Ousted Egyptian President Mohamed Morsi appeared on trial in a Cairo court Monday, his first public appearance since he was deposed by the military on July 3. Morsi continued to insist in court that he is the only legitimate leader of Egypt.

"This is a military coup whose leaders must be put on trial in accordance with the constitution," Morsi said in the courtroom, the Associated Press reports. "I am the president of the republic and I am here against my will ... What is happening here is providing cover for the military coup.”

Morsi, Egypt’s first democratically elected leader in 5,000 years of history, is charged with murder and inciting violence against protesters during his presidency. During the trial, Morsi and his 14 Muslim Brotherhood co-defendants began chanting loudly, “Down with military coup.” Their chanting grew so loud that the judge was forced to suspend proceedings for some time.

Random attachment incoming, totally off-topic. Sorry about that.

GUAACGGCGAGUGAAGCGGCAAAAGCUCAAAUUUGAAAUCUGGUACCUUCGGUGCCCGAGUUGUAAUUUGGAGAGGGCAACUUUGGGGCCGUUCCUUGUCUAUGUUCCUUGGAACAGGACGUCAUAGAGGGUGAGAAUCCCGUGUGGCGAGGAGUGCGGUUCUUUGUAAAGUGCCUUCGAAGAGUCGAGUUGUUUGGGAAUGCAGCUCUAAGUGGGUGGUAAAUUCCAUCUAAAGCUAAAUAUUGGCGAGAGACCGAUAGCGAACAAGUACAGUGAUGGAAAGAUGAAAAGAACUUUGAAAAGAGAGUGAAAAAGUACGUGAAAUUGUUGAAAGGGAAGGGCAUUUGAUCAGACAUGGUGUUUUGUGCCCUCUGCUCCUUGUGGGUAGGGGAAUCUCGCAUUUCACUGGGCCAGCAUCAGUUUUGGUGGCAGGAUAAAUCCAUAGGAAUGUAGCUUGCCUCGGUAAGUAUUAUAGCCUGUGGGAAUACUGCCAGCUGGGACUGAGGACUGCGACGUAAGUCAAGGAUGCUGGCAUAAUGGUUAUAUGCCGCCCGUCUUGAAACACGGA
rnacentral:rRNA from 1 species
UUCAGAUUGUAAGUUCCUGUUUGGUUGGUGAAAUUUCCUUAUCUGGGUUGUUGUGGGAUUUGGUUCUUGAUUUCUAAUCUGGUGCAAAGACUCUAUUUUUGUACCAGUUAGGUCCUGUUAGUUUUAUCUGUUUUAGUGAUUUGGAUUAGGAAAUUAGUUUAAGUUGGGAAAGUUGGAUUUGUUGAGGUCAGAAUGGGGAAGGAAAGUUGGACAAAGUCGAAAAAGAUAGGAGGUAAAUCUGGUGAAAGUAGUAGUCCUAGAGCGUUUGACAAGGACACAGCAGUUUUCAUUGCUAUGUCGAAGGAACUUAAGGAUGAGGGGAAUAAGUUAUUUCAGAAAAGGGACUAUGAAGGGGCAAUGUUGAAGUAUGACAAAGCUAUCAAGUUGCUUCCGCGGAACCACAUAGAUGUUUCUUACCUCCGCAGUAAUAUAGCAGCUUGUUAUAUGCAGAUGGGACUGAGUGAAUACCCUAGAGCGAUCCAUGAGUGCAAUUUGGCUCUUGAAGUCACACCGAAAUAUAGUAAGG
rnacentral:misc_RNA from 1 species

Soon after proceedings resumed, the judge adjourned the remainder of the trial until Jan. 8 to allow Morsi’s lawters more time to review newly revealed legal documents.

Members of the Muslim Brotherhood have refused to acknowledge the current Egyptian authorities and insisted that Morsi’s trial is invalid.

"No lawyers will be defending President Mohamed Morsi, neither Egyptians nor foreigners, because the president does not recognize the trial or any of the actions and processes that resulted from the coup, such as the politicization of the judiciary, involving it in the political struggle so it becomes a means of repression and terror used by the coup regime against opponents, " the Muslim Brotherhood said in a pre-trial statement last week.

Monday’s trial was Morsi’s first public appearance in months. Since the coup, he has been kept in a secret location guarded by the military. Morsi was flown in by helicopter to the court. Though he was ordered to don a prison uniform at the trial, Morsi refused, instead appearing in a dark blue suit without a tie.